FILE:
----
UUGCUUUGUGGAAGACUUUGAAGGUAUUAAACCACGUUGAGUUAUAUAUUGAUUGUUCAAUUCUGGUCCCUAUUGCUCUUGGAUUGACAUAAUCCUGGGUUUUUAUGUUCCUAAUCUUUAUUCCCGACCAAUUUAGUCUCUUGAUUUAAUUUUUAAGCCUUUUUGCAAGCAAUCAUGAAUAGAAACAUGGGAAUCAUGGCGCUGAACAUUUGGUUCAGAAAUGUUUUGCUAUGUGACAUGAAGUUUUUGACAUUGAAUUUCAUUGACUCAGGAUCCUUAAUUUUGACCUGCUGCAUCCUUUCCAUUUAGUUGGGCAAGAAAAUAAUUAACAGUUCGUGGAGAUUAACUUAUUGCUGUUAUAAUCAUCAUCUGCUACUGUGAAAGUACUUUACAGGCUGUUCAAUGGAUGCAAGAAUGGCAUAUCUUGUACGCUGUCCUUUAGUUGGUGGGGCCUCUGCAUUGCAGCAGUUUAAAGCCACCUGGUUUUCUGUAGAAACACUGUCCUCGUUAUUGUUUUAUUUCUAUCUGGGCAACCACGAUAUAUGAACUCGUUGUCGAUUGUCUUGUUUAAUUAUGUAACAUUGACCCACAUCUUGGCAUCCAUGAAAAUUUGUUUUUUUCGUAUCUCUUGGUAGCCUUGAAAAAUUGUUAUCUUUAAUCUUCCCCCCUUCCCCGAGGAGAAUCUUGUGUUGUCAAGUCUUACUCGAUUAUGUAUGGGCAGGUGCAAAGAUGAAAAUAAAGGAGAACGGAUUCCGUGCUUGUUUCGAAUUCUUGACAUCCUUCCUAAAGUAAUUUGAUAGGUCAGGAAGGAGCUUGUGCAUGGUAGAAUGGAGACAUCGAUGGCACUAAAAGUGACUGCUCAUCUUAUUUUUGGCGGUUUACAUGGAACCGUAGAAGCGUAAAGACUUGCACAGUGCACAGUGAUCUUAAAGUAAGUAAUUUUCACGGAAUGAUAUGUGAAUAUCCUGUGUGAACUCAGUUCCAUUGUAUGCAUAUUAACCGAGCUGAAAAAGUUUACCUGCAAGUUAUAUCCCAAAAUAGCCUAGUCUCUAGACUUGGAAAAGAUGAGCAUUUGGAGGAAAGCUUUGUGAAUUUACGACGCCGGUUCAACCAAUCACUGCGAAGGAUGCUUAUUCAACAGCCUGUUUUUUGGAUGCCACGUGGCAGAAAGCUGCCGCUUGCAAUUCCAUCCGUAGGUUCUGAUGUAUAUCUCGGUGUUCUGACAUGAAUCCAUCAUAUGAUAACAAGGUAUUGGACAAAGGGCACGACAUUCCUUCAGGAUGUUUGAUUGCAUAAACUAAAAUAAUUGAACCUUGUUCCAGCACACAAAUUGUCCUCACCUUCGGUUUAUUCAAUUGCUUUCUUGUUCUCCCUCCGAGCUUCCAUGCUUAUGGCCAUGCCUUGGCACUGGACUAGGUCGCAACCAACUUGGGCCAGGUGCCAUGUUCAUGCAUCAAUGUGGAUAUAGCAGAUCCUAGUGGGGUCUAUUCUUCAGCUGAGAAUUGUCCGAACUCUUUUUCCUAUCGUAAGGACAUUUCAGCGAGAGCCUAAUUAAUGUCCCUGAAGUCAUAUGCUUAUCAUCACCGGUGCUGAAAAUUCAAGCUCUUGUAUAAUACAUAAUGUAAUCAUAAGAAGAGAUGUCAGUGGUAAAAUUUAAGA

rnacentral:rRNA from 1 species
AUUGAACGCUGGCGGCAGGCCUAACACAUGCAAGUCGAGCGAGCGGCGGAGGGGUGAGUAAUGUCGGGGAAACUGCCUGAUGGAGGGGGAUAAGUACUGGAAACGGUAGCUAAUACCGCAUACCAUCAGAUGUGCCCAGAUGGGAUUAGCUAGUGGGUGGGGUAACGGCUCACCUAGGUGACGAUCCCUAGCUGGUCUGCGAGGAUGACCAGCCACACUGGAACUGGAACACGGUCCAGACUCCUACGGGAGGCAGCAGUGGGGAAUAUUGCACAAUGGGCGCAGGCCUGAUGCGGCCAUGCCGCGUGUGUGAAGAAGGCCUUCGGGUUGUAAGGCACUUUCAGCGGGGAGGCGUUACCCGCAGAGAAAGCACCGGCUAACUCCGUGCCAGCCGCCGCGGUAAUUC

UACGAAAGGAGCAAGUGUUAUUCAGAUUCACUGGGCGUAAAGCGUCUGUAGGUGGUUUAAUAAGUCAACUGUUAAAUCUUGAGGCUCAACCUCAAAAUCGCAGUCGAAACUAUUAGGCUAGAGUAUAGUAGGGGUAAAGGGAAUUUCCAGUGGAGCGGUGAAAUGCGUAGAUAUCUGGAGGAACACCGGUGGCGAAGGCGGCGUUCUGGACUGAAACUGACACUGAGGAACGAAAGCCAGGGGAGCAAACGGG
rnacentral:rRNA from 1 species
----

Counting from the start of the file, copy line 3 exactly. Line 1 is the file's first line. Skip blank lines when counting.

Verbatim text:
AUUGAACGCUGGCGGCAGGCCUAACACAUGCAAGUCGAGCGAGCGGCGGAGGGGUGAGUAAUGUCGGGGAAACUGCCUGAUGGAGGGGGAUAAGUACUGGAAACGGUAGCUAAUACCGCAUACCAUCAGAUGUGCCCAGAUGGGAUUAGCUAGUGGGUGGGGUAACGGCUCACCUAGGUGACGAUCCCUAGCUGGUCUGCGAGGAUGACCAGCCACACUGGAACUGGAACACGGUCCAGACUCCUACGGGAGGCAGCAGUGGGGAAUAUUGCACAAUGGGCGCAGGCCUGAUGCGGCCAUGCCGCGUGUGUGAAGAAGGCCUUCGGGUUGUAAGGCACUUUCAGCGGGGAGGCGUUACCCGCAGAGAAAGCACCGGCUAACUCCGUGCCAGCCGCCGCGGUAAUUC